By: Victoria Lee-Kim, Meds 2022
QMed LEAD provided Queen’s medical students with the opportunity to hear from Don Drummond on the topic of healthcare economics and the growing national health expenditures. For those of you who are unfamiliar with him, he is a renowned Canadian economist who served in the federal Department of Finance, a professor at Queen’s School of Policy Studies, and was a Chief Economist at TD bank. His talk got me thinking—why isn’t healthcare economics more integrated into our medical education?
We have diverse and strategic student minds that may eventually be able to combine their medical knowledge with policy, and may even be able to tackle the Canada’s growing health expenditure problem. Here are some of the striking statistics and insightful ideas he introduced, mixed with thoughts of my own:
According to the Canadian Institute for Health Information (CIHI), in 2018, total health expenditure in Canada reached $253.5 billion (a growth of approximately 4.2%). That is 11. 3% of Canada’s gross domestic product. Also, approximately $6839 per person. To put that into context: using the Organization for Economic Co-operation and Development (OECD) statistics, Canada is above the OECD country average in terms of healthcare spending as a percentage of GDP and per-person healthcare spending.
But why are we spending more than the average? Even accounting for the population spread over a massive amount of land, our split between public and private health care spending should theoretically equate to us spending less on healthcare. Our public-sector share of total health expenditure is 70% (30% private) which is below the average of 73%. For more context, the United States healthcare system is 82 % publicly-funded and 18% private. Canada is one of the top spenders, yet we constantly fall short in rankings of international health systems. If you ask me, something doesn’t quite seem to add up!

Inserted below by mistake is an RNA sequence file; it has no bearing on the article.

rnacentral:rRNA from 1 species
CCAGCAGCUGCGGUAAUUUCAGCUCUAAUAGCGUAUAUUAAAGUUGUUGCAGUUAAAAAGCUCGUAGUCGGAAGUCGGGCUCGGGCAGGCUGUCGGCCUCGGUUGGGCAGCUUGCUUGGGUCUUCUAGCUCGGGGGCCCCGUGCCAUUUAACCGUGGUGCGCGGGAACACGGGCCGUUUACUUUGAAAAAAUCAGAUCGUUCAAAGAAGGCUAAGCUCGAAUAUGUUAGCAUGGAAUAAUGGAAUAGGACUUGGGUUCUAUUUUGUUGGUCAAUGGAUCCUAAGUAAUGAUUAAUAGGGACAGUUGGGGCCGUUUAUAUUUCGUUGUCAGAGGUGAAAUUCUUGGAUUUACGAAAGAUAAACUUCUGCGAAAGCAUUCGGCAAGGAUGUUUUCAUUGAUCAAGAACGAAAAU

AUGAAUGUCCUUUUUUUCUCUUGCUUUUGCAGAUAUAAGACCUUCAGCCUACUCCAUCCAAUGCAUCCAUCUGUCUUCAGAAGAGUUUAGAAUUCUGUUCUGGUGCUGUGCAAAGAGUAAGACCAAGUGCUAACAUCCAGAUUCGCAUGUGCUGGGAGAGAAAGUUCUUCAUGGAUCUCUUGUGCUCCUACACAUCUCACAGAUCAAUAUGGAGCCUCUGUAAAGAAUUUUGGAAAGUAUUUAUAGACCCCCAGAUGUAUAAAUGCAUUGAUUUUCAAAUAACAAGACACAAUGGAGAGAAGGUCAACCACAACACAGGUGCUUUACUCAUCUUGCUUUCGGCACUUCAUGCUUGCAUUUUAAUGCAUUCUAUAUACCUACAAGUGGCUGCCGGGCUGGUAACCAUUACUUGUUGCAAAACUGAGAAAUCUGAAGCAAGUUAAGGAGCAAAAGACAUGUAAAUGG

Overall in Canada, the health-to-GDP ratio has trended upward in the last 40 years for reasons including general inflation, population growth, aging, novel drugs and infrastructure (Figure 1). Hospitals, drugs, and physician services make up the largest shares of health expenditures. In 2018, the annual growth forecast was 3.7%. We have to think of this trend while we practice medicine! The aging of the Baby Boomer generation will demand more of physicians, which means more hours per person or more people to compensate. Compensation currently accounts for more than 60% of hospital budgets, and thus is a huge cost driver. Moreover, old infrastructure must be replaced and increasingly expensive prescriptions are becoming the norm. The introduction of high-cost medicines can increase prescribed drug spending. These changes are predictable, but the issue is that our governments work in four year blocks, making it next to impossible to create systemic changes that will match the growth of healthcare expenditures.
Figure 1. How health spending has changed in Canada over the last 40+ years; https://www.cihi.ca/en/health-spending/2018/national-health-expenditure-trends/how-has-health-spending-growth-changed-over-the-last-40-years
You’re probably thinking “Ok… so what? What can we do?” Well, I’m obviously no expert and am aware that my opinion doesn’t hold a lot of weight, but I think awareness of these statistics is a good place to start! Awareness introduces an economic perspective into our future decisions as physicians. It can play a part in our willingness to provide preventive medicine, can help guide our choices of diagnostic tests , and help us decide which policies to advocate for. Who knows, maybe a QMed graduate will be at the forefront of systemic change that improves our healthcare system on a macro level!